Ferritins are a family of football-shaped proteins that are found in all type of cells. Like a football, the protein is hollow, but when it encounters iron in solution, it oxidises and deposits the iron within its internal cavity as a rust-like mineral. This not only removes potentially toxic iron from solution but also provides a store of it for potential future use (when iron becomes scarce).
Bacterioferritin from the gut bacterium Escherichia coli (shown above) belongs to a subclass of ferritins that is unique because members contain another form of iron called heme. The biochemical role of the heme was not clear for a long time but was recently shown to be related to the release of iron back to solution when cellular iron levels drop.
The team, involving researchers at the University of Essex, the University of East Anglia and Grenoble Alps University (France), have demonstrated that the primary role of this bacterioferritin is not to store iron; rather, it is to remove the dangerous oxidant hydrogen peroxide, with iron storage most likely being a secondary function. The researchers also discovered a direct route for electron transfer between the heme and the site of reaction with hydrogen peroxide, thus revealing how the heme may play a key role in the peroxide detoxification process when iron is released.
Prof Nick Le Brun, who led the UEA component of the work, said:
“We showed many years ago that bacterioferritin can use both O2 and the dangerous oxidant hydrogen peroxide to oxidise iron and deposit it within its protein shell. We have now discovered that peroxide is a thousand times more efficient than O2 in iron oxidation. This changes our view of the protein’s function – it is not about collecting iron – that is done by another ferritin protein in the bacterium. It is more about using iron to reduce harmful hydrogen peroxide to harmless water.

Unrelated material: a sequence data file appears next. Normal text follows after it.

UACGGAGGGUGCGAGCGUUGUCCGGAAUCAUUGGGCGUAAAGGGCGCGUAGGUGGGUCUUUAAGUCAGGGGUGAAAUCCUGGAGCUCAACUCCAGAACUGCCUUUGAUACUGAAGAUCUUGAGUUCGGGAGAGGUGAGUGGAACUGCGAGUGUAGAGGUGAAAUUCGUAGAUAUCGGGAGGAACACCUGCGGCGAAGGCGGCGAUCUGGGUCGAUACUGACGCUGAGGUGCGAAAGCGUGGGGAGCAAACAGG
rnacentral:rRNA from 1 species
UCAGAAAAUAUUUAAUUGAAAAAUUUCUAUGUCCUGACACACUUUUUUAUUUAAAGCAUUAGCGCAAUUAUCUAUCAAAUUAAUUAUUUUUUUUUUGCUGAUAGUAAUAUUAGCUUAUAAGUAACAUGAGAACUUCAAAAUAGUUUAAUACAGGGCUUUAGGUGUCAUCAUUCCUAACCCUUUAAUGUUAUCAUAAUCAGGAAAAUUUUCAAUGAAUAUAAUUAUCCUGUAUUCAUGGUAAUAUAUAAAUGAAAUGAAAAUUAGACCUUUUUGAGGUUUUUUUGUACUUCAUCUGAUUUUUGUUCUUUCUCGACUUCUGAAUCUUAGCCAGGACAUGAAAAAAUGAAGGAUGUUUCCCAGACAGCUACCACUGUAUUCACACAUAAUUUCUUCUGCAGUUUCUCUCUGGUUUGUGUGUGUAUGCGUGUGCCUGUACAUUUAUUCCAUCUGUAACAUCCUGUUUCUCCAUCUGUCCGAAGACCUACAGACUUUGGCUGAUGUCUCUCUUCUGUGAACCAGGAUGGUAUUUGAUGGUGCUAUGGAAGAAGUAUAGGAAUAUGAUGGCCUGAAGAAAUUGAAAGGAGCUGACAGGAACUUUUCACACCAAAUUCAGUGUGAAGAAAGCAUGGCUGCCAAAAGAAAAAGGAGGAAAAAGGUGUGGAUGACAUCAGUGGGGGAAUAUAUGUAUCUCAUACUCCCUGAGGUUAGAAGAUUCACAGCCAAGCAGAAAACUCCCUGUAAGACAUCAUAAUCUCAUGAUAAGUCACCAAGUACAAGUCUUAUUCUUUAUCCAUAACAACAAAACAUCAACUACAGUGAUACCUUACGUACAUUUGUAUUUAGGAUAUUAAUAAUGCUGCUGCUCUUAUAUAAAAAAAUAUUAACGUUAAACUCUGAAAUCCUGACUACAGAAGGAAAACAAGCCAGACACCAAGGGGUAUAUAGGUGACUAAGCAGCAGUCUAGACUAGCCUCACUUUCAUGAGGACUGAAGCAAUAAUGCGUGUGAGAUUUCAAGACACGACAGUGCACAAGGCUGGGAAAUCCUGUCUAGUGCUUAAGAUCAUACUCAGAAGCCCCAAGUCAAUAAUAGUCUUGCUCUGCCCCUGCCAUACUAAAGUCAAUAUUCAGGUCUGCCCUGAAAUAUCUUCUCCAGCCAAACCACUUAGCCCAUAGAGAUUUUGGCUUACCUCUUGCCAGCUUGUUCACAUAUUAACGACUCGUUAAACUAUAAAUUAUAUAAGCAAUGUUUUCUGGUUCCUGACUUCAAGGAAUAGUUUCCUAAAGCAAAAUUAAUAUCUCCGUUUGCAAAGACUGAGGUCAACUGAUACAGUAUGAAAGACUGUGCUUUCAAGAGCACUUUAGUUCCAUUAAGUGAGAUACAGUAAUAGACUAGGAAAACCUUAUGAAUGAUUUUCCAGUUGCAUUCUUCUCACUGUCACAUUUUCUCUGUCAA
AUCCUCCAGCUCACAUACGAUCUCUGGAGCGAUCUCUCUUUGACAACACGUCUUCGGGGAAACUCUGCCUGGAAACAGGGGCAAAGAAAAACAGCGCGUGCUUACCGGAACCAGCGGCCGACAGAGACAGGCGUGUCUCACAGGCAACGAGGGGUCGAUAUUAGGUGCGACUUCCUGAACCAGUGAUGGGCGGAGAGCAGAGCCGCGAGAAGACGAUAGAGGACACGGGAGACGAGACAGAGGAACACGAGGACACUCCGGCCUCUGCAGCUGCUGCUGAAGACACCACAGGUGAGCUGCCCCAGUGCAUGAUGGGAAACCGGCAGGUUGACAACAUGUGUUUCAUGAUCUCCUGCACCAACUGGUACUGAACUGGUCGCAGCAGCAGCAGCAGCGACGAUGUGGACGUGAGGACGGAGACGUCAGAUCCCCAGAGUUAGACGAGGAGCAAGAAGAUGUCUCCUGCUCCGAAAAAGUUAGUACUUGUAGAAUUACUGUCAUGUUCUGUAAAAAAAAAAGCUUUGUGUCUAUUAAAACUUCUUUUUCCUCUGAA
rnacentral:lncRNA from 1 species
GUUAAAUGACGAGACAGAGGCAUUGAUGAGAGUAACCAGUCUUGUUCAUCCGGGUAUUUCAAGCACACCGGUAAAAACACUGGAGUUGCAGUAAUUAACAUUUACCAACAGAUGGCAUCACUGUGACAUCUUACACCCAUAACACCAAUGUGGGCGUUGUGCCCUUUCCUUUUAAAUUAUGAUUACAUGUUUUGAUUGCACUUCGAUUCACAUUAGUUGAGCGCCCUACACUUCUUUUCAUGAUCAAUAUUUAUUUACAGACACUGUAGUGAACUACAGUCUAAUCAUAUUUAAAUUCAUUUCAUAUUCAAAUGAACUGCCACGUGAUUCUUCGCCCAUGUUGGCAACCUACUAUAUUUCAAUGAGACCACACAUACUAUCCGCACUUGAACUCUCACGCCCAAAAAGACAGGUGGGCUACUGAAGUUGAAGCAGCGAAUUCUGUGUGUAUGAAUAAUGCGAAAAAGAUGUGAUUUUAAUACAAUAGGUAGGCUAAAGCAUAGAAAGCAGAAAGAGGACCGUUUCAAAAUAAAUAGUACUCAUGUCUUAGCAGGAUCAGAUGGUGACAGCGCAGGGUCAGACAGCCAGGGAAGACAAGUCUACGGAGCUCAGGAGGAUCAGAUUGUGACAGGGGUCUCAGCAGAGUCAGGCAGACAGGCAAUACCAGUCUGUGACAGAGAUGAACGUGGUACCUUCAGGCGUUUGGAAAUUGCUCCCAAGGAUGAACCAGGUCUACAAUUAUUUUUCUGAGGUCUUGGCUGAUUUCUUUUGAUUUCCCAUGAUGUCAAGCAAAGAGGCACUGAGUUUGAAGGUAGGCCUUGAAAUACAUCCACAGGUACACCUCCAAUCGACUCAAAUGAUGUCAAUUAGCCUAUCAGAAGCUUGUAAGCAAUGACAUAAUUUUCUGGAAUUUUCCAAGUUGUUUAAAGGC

"The discovery of a new role for heme in bacterioferritin, as a conduit for electrons to reduce hydrogen peroxide, is exciting because it starts to answer an overarching question of how the protein continues to play an anti-oxidant role even when there is no iron available to oxidise and store. Again, this shifts the way we view the main role of the protein away from storage of iron to anti-oxidant.”
The team are currently applying this new insight to investigate the detoxification role a human ferritin under similar oxidative stress conditions.
The research was recently published ahead of print in two papers in the journal Angewandte Chemie International Edition journal:
- Iron oxidation in Escherichia coli bacterioferritin ferroxidase centre, a site designed to react rapidly with H2O2 but slowly with O2
Pullin et al, Angew Chem Int Ed Engl. 2021 Jan 22. doi: 10.1002/anie.202015964.
- Electron transfer from haem to the di-iron ferroxidase centre in bacterioferritin
Pullin et al, Angew Chem Int Ed Engl. 2021 Jan 18. doi: 10.1002/anie.202015965.